Samsung had two major themes at CES 2015. Tizen is a new operating system for TVs and S’UHD is the name for Samsung’s new Ultra HD TVs with quantum dots. Here are our first hands-on impressions of the new TVs and HDR (high dynamic range).
Hands-on with Samsung S'UHD
We had a chance to leave the CES show floors and experience Samsung’s new S’UHD TVs up close at CES 2015. Samsung demonstrated general picture quality and HDR, but also had a setup to compare the S’UHD (JS9500 model) to a 2014 LCD TV, a 2014 Samsung Full HD plasma TV and a 2014 Full HD OLED TV “from a competitor” (take a guess).
Samsung has put its own OLED project on pause and S‘UHD is being rolled out in 2015 as - or so it appears - Plan B. S’UHD does not stand for anything in particular, but has several superlatives such as "seductive" and "spectacular" attached. In concrete terms, we are looking a LCD TV with Ultra HD resolution and quantum dots.
Samsung wanted to show us how its S’UHD TVs can improve the viewing experience through a wider color space of around 90% DCI (used in movie theatres, made possible by quantum dots), HDR (high dynamic range) and Ultra HD resolution. Samsung says that the TVs have "rich colors, better than OLED" and that they can output 2.5x higher brightness compared to traditional TVs – necessary for HDR. Samsung used its flagship JS9500 TV, which has a full-array local dimming system with “hundreds of zones” (Samsung refused to give the exact number) – this is also necessary for HDR on a LCD TV.
So how did it look? Very good on many levels. Samsung used a remastered Life of Pi, which is just a great movie visually and story-wise. It is probably also one of the best movies for demonstrating HDR with much brighter highlights and deeper blacks. Samsung demonstrated how some of the scenes really benefitted from the wider DCI color space. Some of the surrealistic scenes of Life of Pi truly looked great; it took the visual experience to the next level. As said, Lift of Pi is a great movie for HDR and the more vivid colors.
Samsung also demonstrated HDR and the wider color gamut with Exodus. In some scenes the HDR experience worked, but in other scenes it made everything look too animated and unreal because of too high brightness and too artificial HDR effects.
Samsung's JS9500 has a 10-bit LCD panel, and can go up to around 1000 nits of brightness, says Samsung.
But let us return to the comparison setup with the plasma and OLED TVs. There is no doubt that Samsung JS9500 has much higher peak brightness than these TVs – it supports HDR after all. The picture certainly looked more colorful and the TV could reproduce some color shades that are other TVs were incapable of. This gave it the upper hand in some instances and resulted in very vivid colors. However, this is not necessarily a good thing. Some of the fruits on the screen looked downright toxic. In other scenes the HDR content did quite well, especially in very bright scenes with a sky or sun. Detail levels were definitely better in some of the bright scenes, too, likely because of the Ultra HD resolution.
However, in dark scenes such as scenes with fireworks, a city or planets in space, the JS9500 suffered from the same limitations that every LCD TV does. Despite the fact that this was actually Samsung’s demo, the unnamed OLED and the plasma reproduced dark scenes with better fidelity. The OLED had deeper and more homogeneous blacks, but the most striking difference was how much better shadow details looked on the OLED. The local dimming system on JS9500 simply crushed a lot of the shadow details. Ultra HD resolution or not – you will not see more details on the S’UHD TV than the limitations of the LCD panel dictate. This is noteworthy; remember that it was a Full HD OLED TV.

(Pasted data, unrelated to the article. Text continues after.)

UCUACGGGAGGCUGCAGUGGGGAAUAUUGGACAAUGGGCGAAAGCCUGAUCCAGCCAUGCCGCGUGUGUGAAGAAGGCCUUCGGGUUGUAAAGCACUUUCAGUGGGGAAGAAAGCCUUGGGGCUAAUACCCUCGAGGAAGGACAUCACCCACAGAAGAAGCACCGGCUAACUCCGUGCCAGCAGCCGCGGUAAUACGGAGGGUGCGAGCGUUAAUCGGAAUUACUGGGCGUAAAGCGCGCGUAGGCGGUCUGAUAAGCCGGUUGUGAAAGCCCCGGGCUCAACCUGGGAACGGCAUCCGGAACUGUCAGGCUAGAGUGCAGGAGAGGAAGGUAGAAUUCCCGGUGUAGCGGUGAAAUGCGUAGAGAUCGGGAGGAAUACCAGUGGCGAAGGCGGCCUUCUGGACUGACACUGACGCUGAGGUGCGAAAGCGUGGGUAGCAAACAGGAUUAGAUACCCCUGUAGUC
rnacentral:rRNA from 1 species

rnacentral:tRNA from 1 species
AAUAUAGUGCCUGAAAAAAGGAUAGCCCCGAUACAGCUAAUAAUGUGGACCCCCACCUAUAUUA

OLED TVs will start supporting HDR and Ultra HD in 2015, and could take the leap to wider color gamuts in the near future. Samsung obviously had no chance to compare with one of the new 2015 TVs, but our guess is that it would not have served Samsung’s purpose either.
Samsung told us that its S’UHD TVs will extend all content sources to the wider color space through a “upscaling” algorithm - no matter if you are watching TV channels, Netflix or Blu-ray. That is, even when the content is not produced in the wider color gamut. We discussed the negative aspects of this approach in our article about quantum dots, but to summarize you can say that it corresponds to putting a TV in the “shop mode” plus 20% extra color fun. Samsung told us that there is no setting to turn it off, but we hope that they change their minds before launch.
In essence, “S’UHD” is a combination of LCD, Ultra HD and quantum dots – with some marketing powder sprinkled on top. The flagship JS9500 will enable HDR, which can be quite impressive; especially in Life of Pi. However, fundamentally nothing has changed in regards to the classic LCD weaknesses, and we hope that Samsung will return to OLED in the near future.
Some words on Tizen
Tizen was a big talking point at CES, but Samsung did not disclose many details, which suggests that it still needs some polishing before it is ready for prime time. Judged on the user interface, you could say that it has quite the similarities with LG’s webOS.
The user interface is based on small "cards" that pop up from the bottom of the screen. You can place whatever you like here, including apps such as Netflix or YouTube. Samsung says that all old apps will be updated to work on Tizen, but a full list was not available and Samsung would not promise that every app will be available at launch.
Tizen is no revolution, but Samsung hopes to get developers on board to create exciting experiences. But the question remains; how many times are people willing to upgrade to a new TV to get a decent Smart TV experience? There is a dark cloud hanging over the TV industry; especially Samsung who has changed platform more times than any other TV manufacturer.